Collingwood’s first post-literate council

Post-literacyAt the Corporate & Community Services standing committee meeting this week, the committee discussed the Art on the Street festival, its operation and management to be taken over by the BIA. That’s probably a good thing because any affinity to culture and cultural events at the council table evaporated early this term. A cup of yogurt has more culture in it than The Block has. The whole ‘cultural economy’ thing and all the benefits that cultural tourism can bring has simply flown away this term.*

That report led to a discussion of a local Word on the Street festival, a “national celebration of literacy and the written word.” Apparently there is a move afoot to bring it back (it’s held in September, so I suppose that won’t be until fall 2018). Councillor Kevin Lloyd semi-jokingly suggested that council entertain regular poetry readings at the start of each council meeting to help publicize the event. There was an uncomfortable silence at the committee table (The Block not being able to easily recognize irony or sarcasm).

The stolid faces of The Block collective were shaken by his (somewhat sarcastic) suggestion. The idea that they might have to sit, in stony Politburo-like silence while someone read a poem clearly unnerved them. Even Sleepy Councillor Ecclestone tossed and turned in his sleep, in the grips of a bad dream where words and phrases were dancing around him with menace and malice.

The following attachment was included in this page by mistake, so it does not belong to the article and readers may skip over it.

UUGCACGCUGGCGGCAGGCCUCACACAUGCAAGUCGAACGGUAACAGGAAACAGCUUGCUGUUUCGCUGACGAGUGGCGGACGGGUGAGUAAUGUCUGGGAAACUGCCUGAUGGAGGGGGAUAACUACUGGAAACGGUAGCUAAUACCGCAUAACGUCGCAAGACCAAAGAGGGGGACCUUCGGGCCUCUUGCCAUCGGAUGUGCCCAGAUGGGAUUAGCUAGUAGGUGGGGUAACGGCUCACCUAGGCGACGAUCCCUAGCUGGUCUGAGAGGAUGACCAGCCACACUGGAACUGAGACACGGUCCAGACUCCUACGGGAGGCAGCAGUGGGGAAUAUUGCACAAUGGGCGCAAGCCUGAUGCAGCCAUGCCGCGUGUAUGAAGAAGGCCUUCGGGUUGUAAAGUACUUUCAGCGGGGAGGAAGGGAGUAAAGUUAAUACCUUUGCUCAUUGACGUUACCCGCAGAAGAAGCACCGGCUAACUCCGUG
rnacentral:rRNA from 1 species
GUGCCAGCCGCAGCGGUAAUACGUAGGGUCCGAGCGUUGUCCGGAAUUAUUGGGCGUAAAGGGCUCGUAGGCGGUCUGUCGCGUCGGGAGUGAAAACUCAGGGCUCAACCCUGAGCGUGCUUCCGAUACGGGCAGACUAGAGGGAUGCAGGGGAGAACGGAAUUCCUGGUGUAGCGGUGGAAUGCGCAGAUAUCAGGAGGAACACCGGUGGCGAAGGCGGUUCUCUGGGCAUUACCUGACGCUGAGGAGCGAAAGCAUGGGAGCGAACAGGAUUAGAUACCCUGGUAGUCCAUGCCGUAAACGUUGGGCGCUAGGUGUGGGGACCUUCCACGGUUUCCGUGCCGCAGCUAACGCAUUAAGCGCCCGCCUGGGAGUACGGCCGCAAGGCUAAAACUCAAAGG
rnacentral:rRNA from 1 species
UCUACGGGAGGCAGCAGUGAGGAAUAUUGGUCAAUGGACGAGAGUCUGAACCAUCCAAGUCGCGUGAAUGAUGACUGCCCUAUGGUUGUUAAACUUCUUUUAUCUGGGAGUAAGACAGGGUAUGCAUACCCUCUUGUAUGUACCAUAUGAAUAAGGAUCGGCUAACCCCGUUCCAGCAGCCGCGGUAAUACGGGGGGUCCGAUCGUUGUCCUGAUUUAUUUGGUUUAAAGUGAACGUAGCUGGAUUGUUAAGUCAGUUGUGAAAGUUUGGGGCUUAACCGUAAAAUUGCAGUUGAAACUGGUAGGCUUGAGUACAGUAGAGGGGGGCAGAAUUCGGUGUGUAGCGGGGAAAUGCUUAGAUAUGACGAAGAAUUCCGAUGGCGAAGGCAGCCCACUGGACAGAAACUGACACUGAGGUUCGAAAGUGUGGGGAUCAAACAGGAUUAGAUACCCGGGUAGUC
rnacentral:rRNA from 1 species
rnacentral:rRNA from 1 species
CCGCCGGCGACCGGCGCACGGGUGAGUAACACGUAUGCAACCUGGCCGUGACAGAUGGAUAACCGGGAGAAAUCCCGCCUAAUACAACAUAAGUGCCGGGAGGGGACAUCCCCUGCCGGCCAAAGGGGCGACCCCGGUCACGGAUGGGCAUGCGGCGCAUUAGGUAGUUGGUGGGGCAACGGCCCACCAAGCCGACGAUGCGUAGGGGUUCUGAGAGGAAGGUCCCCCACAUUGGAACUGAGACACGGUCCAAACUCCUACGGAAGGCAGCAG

How were they supposed to respond to poetry? Would they make the usual banal “gee that was swell” comments they toss out like candy to staff for run-of-the-mill reports? Or – a frightening thought – would they be expected to comment intelligently and coherently on the nature of the poem, its symbolism, its rhyming scheme, its use of metaphor, how it compared with the work of other poets? That would take The Block far from the safety of their comfort zone over the deep intellectual ocean, a place they had never ventured to.

When The Block plumb the depths of their collective intellect, they don’t need a ruler, much less a measuring tape to measure down to their seabed. Their ship of state is already stranded on its shallow reefs. Keep in mind that their greatest collective intellectual achievement this term is a bylaw that prohibits residents from throwing birdseed on their driveway. To expect them to do anything intelligent with culture – you’re better off wishing for something more achievable. Like world peace. Or the overnight reversal of climate change. Or the Rapture.

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